1:00-2:15 PM Government Use of Big Data
Discussion about government use of data—what limitations should be put in place? How can government use data better?
- Bryan Cunningham, Principal, Cunningham Partners
- Jessica Earle, J.D./M.A. Candidate, University of Ottawa, Faculty of Law/Carleton University, Norman Paterson School of International Affairs (discussing Prediction, Preemption, Presumption with Ian Kerr)
- Susan Freiwald, Professor, University of San Francisco School of Law (discussing Managing the Muddled Mass of Big Data)
- Paul Ohm, Associate Professor, University of Colorado Law School
- Jay Stanley, Senior Policy Analyst, American Civil Liberties Union
- Jennifer Granick, Director of Civil Liberties, Stanford Center for Internet & Society (Moderator)
2:15-2:30 Refreshment break
2:30-3:45 PM New Legal Regimes for Data Governance
Discussion about how law/regulations can be adapted to what’s “new” about Big Data.
- Justin Brookman, Director, Consumer Privacy, Center for Democracy & Technology (discussing Why Collection Matters with G.S. Hans)
- Michael Donohue, Senior Policy Analyst, Organisation for Economic Co-operation and Development
- Christian Fjeld, Senior Counsel, Senate Commerce, Science and Transportation Committee
- Dennis Hirsch, Professor of Law, Capital University Law School (discussing The Glass House Effect)
- Felix Wu, Associate Professor, Benjamin N. Cardozo School of Law (discussing Big Data Threats)
- Christopher Wolf, Co-Chair, Future of Privacy Forum (Moderator)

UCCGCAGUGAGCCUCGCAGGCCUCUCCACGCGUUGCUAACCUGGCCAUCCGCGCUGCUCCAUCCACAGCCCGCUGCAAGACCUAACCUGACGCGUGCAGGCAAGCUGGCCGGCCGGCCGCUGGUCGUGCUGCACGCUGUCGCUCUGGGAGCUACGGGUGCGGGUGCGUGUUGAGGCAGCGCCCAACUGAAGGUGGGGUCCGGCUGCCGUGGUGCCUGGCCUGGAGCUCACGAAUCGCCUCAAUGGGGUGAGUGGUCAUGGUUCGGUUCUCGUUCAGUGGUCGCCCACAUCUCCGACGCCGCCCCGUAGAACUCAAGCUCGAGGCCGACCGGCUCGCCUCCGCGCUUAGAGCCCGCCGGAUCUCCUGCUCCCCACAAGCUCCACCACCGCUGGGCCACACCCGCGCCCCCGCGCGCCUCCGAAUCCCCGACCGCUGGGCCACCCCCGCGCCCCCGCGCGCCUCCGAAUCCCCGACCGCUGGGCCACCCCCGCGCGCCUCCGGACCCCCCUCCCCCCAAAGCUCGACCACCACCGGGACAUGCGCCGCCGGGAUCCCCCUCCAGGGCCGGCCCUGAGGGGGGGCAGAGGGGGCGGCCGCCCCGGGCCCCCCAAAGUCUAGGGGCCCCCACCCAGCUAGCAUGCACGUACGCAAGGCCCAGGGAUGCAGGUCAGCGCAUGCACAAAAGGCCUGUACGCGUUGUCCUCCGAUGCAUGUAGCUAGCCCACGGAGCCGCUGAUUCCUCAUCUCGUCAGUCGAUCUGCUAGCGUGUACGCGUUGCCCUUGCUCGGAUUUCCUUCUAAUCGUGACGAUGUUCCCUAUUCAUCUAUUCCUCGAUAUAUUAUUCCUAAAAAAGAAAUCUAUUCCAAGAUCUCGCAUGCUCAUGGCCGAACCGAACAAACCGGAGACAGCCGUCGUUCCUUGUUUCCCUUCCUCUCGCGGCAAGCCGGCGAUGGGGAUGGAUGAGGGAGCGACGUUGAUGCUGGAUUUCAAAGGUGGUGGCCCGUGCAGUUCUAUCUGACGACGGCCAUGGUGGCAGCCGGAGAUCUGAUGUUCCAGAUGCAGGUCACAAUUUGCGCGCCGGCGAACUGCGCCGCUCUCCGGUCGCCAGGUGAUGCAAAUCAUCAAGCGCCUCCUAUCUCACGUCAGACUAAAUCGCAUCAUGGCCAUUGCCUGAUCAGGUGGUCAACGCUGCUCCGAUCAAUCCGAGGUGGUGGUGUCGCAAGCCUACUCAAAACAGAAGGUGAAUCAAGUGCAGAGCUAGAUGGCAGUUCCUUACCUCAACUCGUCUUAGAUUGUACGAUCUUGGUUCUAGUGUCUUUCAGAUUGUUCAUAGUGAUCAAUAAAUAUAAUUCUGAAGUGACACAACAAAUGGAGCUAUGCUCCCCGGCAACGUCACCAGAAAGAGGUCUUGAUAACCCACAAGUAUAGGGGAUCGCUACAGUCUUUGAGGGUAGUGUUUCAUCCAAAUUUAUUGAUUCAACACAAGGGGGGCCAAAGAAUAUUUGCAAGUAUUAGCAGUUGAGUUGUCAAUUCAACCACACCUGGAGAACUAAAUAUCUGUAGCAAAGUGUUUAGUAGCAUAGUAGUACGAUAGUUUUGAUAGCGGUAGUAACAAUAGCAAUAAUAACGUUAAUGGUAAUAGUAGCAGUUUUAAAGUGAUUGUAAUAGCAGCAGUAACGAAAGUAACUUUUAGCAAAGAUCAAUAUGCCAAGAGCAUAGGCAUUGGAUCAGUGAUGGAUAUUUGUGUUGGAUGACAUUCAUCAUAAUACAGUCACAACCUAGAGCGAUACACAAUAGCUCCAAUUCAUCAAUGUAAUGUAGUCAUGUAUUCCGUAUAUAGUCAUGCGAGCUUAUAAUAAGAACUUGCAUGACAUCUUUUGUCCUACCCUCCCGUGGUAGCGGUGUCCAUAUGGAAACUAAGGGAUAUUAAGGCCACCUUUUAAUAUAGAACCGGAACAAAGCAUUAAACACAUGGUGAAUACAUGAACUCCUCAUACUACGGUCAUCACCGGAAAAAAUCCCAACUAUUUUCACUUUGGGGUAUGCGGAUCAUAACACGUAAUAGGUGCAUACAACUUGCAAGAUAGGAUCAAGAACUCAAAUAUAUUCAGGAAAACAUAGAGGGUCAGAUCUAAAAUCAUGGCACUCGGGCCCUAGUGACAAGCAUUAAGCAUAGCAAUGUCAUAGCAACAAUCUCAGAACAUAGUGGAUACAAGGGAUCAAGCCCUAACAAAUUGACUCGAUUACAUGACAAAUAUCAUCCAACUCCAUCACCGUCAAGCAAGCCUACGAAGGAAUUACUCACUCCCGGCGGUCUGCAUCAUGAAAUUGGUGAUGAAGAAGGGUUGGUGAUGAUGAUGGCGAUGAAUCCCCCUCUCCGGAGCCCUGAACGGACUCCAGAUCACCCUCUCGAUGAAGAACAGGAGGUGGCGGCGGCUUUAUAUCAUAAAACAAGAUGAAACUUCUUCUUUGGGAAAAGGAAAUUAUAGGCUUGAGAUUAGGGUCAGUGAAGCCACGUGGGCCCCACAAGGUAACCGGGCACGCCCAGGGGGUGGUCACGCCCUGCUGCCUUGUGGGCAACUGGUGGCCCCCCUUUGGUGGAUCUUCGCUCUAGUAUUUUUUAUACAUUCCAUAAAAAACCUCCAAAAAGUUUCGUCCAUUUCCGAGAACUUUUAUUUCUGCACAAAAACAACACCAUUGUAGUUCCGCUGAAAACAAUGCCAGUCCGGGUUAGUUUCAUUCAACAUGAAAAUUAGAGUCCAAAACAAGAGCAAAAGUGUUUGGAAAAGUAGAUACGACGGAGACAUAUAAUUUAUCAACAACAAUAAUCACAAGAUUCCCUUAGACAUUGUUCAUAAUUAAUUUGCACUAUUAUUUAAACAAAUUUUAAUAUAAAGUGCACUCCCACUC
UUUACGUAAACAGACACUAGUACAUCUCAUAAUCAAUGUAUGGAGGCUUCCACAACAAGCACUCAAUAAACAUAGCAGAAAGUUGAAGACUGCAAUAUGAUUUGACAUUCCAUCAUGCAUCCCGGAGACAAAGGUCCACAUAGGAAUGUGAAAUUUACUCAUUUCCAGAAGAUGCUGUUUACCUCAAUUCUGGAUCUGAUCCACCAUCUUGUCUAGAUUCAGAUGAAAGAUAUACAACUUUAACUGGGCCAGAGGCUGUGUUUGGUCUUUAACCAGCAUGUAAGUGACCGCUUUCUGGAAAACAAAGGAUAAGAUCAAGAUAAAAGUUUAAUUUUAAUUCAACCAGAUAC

Other recommended papers:
- Ryan Calo, Consumer Subject Review Boards - A Thought Experiment
- Chris Hoofnagle, How the FCRA Regulates Big Data
3:45-5:00 PM Technological Solutions – and Challenges
Discussion of Big Data’s challenges from a technical perspective. How can technology and PETs be used to alleviate concerns about Big Data’s risks? And maximize its benefits?
- Khaled El Emam, Associate Professor & Canada Research Chair at the University of Ottawa - Faculty of Medicine; CEO of Privacy Analytics.
- Maritza Johnson, Technical Privacy Manager, Facebook
- Jonathan Mayer, Graduate Fellow, Computer Science and Law, Stanford University (discussing Privacy Substitutes with Arvind Narayanan)
- Ira Rubinstein, Senior Fellow, Information Law Institute, New York University (discussing Big Data: A Pretty Good Privacy Solution)
- Omer Tene, Future of Privacy Forum (Moderator)
Other recommended papers:
- Yianni Lagos, Public v. Non-public Data: The Benefits of Administrative Controls
5:00 PM Closing Remarks
- Jennifer Stoddart, Privacy Commissioner of Canada
When & Where
Future of Privacy Forum
The Future of Privacy Forum (FPF) is a Washington, DC based think tank that seeks to advance responsible data practices. Led by Internet privacy experts Jules Polonetsky and Christopher Wolf, FPF advances the privacy dialogue with privacy advocates, industry leaders, regulators, legislators, and international representatives in effort to advance consumer friendly and business practical privacy measures.
For more information, visit: www.FutureofPrivacy.org